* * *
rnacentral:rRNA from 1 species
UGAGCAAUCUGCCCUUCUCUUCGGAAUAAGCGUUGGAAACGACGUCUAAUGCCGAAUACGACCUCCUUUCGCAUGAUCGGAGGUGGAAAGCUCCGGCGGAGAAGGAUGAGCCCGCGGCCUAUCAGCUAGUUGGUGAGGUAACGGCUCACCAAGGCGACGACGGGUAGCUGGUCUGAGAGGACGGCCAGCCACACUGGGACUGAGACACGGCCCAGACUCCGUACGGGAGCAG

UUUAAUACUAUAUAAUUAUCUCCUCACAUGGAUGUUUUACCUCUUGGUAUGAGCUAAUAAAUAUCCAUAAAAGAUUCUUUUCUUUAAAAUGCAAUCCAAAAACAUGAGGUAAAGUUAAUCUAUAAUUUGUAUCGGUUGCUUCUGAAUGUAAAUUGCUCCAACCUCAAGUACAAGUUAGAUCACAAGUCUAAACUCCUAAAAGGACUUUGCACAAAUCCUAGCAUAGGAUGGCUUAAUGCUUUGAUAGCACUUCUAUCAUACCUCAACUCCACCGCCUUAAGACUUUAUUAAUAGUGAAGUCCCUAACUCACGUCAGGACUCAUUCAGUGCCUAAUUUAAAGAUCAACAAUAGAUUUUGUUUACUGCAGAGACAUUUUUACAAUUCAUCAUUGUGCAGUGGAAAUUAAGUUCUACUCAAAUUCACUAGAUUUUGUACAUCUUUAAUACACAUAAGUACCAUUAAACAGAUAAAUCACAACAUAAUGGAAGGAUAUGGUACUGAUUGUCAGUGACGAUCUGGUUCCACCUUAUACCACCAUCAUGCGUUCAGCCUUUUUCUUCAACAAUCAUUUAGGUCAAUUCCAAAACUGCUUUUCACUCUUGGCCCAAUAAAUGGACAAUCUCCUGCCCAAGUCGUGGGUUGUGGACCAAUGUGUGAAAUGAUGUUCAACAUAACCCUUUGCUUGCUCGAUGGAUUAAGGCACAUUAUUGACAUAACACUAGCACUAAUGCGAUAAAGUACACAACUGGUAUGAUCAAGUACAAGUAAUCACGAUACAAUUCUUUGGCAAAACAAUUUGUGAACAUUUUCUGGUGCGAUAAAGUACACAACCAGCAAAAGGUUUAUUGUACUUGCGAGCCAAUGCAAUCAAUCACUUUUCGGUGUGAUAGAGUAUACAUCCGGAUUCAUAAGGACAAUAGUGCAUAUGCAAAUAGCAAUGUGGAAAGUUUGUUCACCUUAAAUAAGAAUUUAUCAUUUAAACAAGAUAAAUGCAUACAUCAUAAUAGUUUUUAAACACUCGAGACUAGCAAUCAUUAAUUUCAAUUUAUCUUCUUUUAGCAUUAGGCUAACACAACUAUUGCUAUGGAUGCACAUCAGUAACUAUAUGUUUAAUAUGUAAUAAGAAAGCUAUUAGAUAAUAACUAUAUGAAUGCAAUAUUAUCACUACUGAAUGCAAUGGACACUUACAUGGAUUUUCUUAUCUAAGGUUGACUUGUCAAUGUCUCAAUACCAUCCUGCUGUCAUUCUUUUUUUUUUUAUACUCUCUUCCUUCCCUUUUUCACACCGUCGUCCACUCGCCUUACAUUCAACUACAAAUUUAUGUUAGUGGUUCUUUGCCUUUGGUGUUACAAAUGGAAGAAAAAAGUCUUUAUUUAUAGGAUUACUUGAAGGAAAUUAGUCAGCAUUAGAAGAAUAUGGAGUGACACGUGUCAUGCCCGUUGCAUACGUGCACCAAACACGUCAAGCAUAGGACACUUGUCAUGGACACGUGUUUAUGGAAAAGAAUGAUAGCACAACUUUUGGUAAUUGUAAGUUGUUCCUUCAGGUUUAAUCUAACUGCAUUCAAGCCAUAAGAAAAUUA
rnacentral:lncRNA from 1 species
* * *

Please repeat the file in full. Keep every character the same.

rnacentral:rRNA from 1 species
UGAGCAAUCUGCCCUUCUCUUCGGAAUAAGCGUUGGAAACGACGUCUAAUGCCGAAUACGACCUCCUUUCGCAUGAUCGGAGGUGGAAAGCUCCGGCGGAGAAGGAUGAGCCCGCGGCCUAUCAGCUAGUUGGUGAGGUAACGGCUCACCAAGGCGACGACGGGUAGCUGGUCUGAGAGGACGGCCAGCCACACUGGGACUGAGACACGGCCCAGACUCCGUACGGGAGCAG

UUUAAUACUAUAUAAUUAUCUCCUCACAUGGAUGUUUUACCUCUUGGUAUGAGCUAAUAAAUAUCCAUAAAAGAUUCUUUUCUUUAAAAUGCAAUCCAAAAACAUGAGGUAAAGUUAAUCUAUAAUUUGUAUCGGUUGCUUCUGAAUGUAAAUUGCUCCAACCUCAAGUACAAGUUAGAUCACAAGUCUAAACUCCUAAAAGGACUUUGCACAAAUCCUAGCAUAGGAUGGCUUAAUGCUUUGAUAGCACUUCUAUCAUACCUCAACUCCACCGCCUUAAGACUUUAUUAAUAGUGAAGUCCCUAACUCACGUCAGGACUCAUUCAGUGCCUAAUUUAAAGAUCAACAAUAGAUUUUGUUUACUGCAGAGACAUUUUUACAAUUCAUCAUUGUGCAGUGGAAAUUAAGUUCUACUCAAAUUCACUAGAUUUUGUACAUCUUUAAUACACAUAAGUACCAUUAAACAGAUAAAUCACAACAUAAUGGAAGGAUAUGGUACUGAUUGUCAGUGACGAUCUGGUUCCACCUUAUACCACCAUCAUGCGUUCAGCCUUUUUCUUCAACAAUCAUUUAGGUCAAUUCCAAAACUGCUUUUCACUCUUGGCCCAAUAAAUGGACAAUCUCCUGCCCAAGUCGUGGGUUGUGGACCAAUGUGUGAAAUGAUGUUCAACAUAACCCUUUGCUUGCUCGAUGGAUUAAGGCACAUUAUUGACAUAACACUAGCACUAAUGCGAUAAAGUACACAACUGGUAUGAUCAAGUACAAGUAAUCACGAUACAAUUCUUUGGCAAAACAAUUUGUGAACAUUUUCUGGUGCGAUAAAGUACACAACCAGCAAAAGGUUUAUUGUACUUGCGAGCCAAUGCAAUCAAUCACUUUUCGGUGUGAUAGAGUAUACAUCCGGAUUCAUAAGGACAAUAGUGCAUAUGCAAAUAGCAAUGUGGAAAGUUUGUUCACCUUAAAUAAGAAUUUAUCAUUUAAACAAGAUAAAUGCAUACAUCAUAAUAGUUUUUAAACACUCGAGACUAGCAAUCAUUAAUUUCAAUUUAUCUUCUUUUAGCAUUAGGCUAACACAACUAUUGCUAUGGAUGCACAUCAGUAACUAUAUGUUUAAUAUGUAAUAAGAAAGCUAUUAGAUAAUAACUAUAUGAAUGCAAUAUUAUCACUACUGAAUGCAAUGGACACUUACAUGGAUUUUCUUAUCUAAGGUUGACUUGUCAAUGUCUCAAUACCAUCCUGCUGUCAUUCUUUUUUUUUUUAUACUCUCUUCCUUCCCUUUUUCACACCGUCGUCCACUCGCCUUACAUUCAACUACAAAUUUAUGUUAGUGGUUCUUUGCCUUUGGUGUUACAAAUGGAAGAAAAAAGUCUUUAUUUAUAGGAUUACUUGAAGGAAAUUAGUCAGCAUUAGAAGAAUAUGGAGUGACACGUGUCAUGCCCGUUGCAUACGUGCACCAAACACGUCAAGCAUAGGACACUUGUCAUGGACACGUGUUUAUGGAAAAGAAUGAUAGCACAACUUUUGGUAAUUGUAAGUUGUUCCUUCAGGUUUAAUCUAACUGCAUUCAAGCCAUAAGAAAAUUA
rnacentral:lncRNA from 1 species